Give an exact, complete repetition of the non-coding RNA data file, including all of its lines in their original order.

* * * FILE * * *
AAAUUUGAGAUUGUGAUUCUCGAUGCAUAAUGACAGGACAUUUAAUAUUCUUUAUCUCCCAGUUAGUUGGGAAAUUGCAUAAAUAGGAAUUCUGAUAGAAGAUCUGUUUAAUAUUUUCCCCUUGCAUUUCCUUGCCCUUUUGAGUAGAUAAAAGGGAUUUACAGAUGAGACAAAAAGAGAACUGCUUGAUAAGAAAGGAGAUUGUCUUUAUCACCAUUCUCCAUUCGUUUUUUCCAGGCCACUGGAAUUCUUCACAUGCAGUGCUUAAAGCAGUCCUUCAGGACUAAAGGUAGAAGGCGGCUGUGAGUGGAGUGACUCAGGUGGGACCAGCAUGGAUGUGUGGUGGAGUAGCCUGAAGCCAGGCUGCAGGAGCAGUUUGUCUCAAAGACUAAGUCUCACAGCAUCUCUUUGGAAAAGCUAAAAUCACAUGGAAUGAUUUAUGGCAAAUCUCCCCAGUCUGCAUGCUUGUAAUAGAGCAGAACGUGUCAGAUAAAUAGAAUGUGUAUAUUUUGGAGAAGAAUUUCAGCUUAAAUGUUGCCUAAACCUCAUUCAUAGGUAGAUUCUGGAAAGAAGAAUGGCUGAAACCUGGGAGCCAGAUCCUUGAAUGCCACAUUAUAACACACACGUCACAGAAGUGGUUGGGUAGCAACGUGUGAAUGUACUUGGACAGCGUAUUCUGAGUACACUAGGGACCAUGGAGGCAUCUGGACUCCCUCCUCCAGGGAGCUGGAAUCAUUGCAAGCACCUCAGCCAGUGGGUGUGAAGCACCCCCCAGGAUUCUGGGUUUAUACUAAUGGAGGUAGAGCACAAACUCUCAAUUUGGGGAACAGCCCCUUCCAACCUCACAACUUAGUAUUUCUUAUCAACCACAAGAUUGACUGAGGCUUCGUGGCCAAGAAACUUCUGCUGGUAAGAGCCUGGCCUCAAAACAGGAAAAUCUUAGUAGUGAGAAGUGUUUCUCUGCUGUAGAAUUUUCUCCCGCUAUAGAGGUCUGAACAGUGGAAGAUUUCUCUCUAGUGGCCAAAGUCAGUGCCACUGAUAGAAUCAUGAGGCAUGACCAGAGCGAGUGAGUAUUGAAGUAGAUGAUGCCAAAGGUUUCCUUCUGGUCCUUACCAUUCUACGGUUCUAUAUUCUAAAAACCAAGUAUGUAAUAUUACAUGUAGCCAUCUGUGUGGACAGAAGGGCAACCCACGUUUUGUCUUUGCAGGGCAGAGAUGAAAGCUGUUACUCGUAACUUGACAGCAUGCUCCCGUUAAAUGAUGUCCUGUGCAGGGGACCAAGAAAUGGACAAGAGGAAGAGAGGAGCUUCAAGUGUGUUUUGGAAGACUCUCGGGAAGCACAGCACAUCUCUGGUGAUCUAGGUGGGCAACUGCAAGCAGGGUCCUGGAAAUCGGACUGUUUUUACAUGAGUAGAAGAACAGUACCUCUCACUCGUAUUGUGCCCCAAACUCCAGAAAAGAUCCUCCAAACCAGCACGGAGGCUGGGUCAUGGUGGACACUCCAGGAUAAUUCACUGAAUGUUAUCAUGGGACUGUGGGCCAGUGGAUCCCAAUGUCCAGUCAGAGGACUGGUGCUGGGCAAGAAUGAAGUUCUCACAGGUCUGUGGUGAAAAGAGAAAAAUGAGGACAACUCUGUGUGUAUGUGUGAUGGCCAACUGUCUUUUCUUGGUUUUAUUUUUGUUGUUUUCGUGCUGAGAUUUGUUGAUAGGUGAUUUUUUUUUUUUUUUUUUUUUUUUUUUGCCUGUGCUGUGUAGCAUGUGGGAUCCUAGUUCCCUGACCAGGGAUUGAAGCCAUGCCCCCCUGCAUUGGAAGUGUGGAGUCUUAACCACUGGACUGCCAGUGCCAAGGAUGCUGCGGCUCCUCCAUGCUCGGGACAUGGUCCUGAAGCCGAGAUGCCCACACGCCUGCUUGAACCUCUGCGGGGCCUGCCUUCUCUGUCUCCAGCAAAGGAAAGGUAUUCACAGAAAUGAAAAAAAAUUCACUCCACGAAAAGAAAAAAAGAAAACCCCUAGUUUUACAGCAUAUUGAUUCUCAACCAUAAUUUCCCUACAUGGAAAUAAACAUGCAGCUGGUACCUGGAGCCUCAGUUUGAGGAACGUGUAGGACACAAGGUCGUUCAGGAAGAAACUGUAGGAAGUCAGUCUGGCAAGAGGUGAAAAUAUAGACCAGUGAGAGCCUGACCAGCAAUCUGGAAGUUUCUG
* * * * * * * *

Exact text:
AAAUUUGAGAUUGUGAUUCUCGAUGCAUAAUGACAGGACAUUUAAUAUUCUUUAUCUCCCAGUUAGUUGGGAAAUUGCAUAAAUAGGAAUUCUGAUAGAAGAUCUGUUUAAUAUUUUCCCCUUGCAUUUCCUUGCCCUUUUGAGUAGAUAAAAGGGAUUUACAGAUGAGACAAAAAGAGAACUGCUUGAUAAGAAAGGAGAUUGUCUUUAUCACCAUUCUCCAUUCGUUUUUUCCAGGCCACUGGAAUUCUUCACAUGCAGUGCUUAAAGCAGUCCUUCAGGACUAAAGGUAGAAGGCGGCUGUGAGUGGAGUGACUCAGGUGGGACCAGCAUGGAUGUGUGGUGGAGUAGCCUGAAGCCAGGCUGCAGGAGCAGUUUGUCUCAAAGACUAAGUCUCACAGCAUCUCUUUGGAAAAGCUAAAAUCACAUGGAAUGAUUUAUGGCAAAUCUCCCCAGUCUGCAUGCUUGUAAUAGAGCAGAACGUGUCAGAUAAAUAGAAUGUGUAUAUUUUGGAGAAGAAUUUCAGCUUAAAUGUUGCCUAAACCUCAUUCAUAGGUAGAUUCUGGAAAGAAGAAUGGCUGAAACCUGGGAGCCAGAUCCUUGAAUGCCACAUUAUAACACACACGUCACAGAAGUGGUUGGGUAGCAACGUGUGAAUGUACUUGGACAGCGUAUUCUGAGUACACUAGGGACCAUGGAGGCAUCUGGACUCCCUCCUCCAGGGAGCUGGAAUCAUUGCAAGCACCUCAGCCAGUGGGUGUGAAGCACCCCCCAGGAUUCUGGGUUUAUACUAAUGGAGGUAGAGCACAAACUCUCAAUUUGGGGAACAGCCCCUUCCAACCUCACAACUUAGUAUUUCUUAUCAACCACAAGAUUGACUGAGGCUUCGUGGCCAAGAAACUUCUGCUGGUAAGAGCCUGGCCUCAAAACAGGAAAAUCUUAGUAGUGAGAAGUGUUUCUCUGCUGUAGAAUUUUCUCCCGCUAUAGAGGUCUGAACAGUGGAAGAUUUCUCUCUAGUGGCCAAAGUCAGUGCCACUGAUAGAAUCAUGAGGCAUGACCAGAGCGAGUGAGUAUUGAAGUAGAUGAUGCCAAAGGUUUCCUUCUGGUCCUUACCAUUCUACGGUUCUAUAUUCUAAAAACCAAGUAUGUAAUAUUACAUGUAGCCAUCUGUGUGGACAGAAGGGCAACCCACGUUUUGUCUUUGCAGGGCAGAGAUGAAAGCUGUUACUCGUAACUUGACAGCAUGCUCCCGUUAAAUGAUGUCCUGUGCAGGGGACCAAGAAAUGGACAAGAGGAAGAGAGGAGCUUCAAGUGUGUUUUGGAAGACUCUCGGGAAGCACAGCACAUCUCUGGUGAUCUAGGUGGGCAACUGCAAGCAGGGUCCUGGAAAUCGGACUGUUUUUACAUGAGUAGAAGAACAGUACCUCUCACUCGUAUUGUGCCCCAAACUCCAGAAAAGAUCCUCCAAACCAGCACGGAGGCUGGGUCAUGGUGGACACUCCAGGAUAAUUCACUGAAUGUUAUCAUGGGACUGUGGGCCAGUGGAUCCCAAUGUCCAGUCAGAGGACUGGUGCUGGGCAAGAAUGAAGUUCUCACAGGUCUGUGGUGAAAAGAGAAAAAUGAGGACAACUCUGUGUGUAUGUGUGAUGGCCAACUGUCUUUUCUUGGUUUUAUUUUUGUUGUUUUCGUGCUGAGAUUUGUUGAUAGGUGAUUUUUUUUUUUUUUUUUUUUUUUUUUUGCCUGUGCUGUGUAGCAUGUGGGAUCCUAGUUCCCUGACCAGGGAUUGAAGCCAUGCCCCCCUGCAUUGGAAGUGUGGAGUCUUAACCACUGGACUGCCAGUGCCAAGGAUGCUGCGGCUCCUCCAUGCUCGGGACAUGGUCCUGAAGCCGAGAUGCCCACACGCCUGCUUGAACCUCUGCGGGGCCUGCCUUCUCUGUCUCCAGCAAAGGAAAGGUAUUCACAGAAAUGAAAAAAAAUUCACUCCACGAAAAGAAAAAAAGAAAACCCCUAGUUUUACAGCAUAUUGAUUCUCAACCAUAAUUUCCCUACAUGGAAAUAAACAUGCAGCUGGUACCUGGAGCCUCAGUUUGAGGAACGUGUAGGACACAAGGUCGUUCAGGAAGAAACUGUAGGAAGUCAGUCUGGCAAGAGGUGAAAAUAUAGACCAGUGAGAGCCUGACCAGCAAUCUGGAAGUUUCUG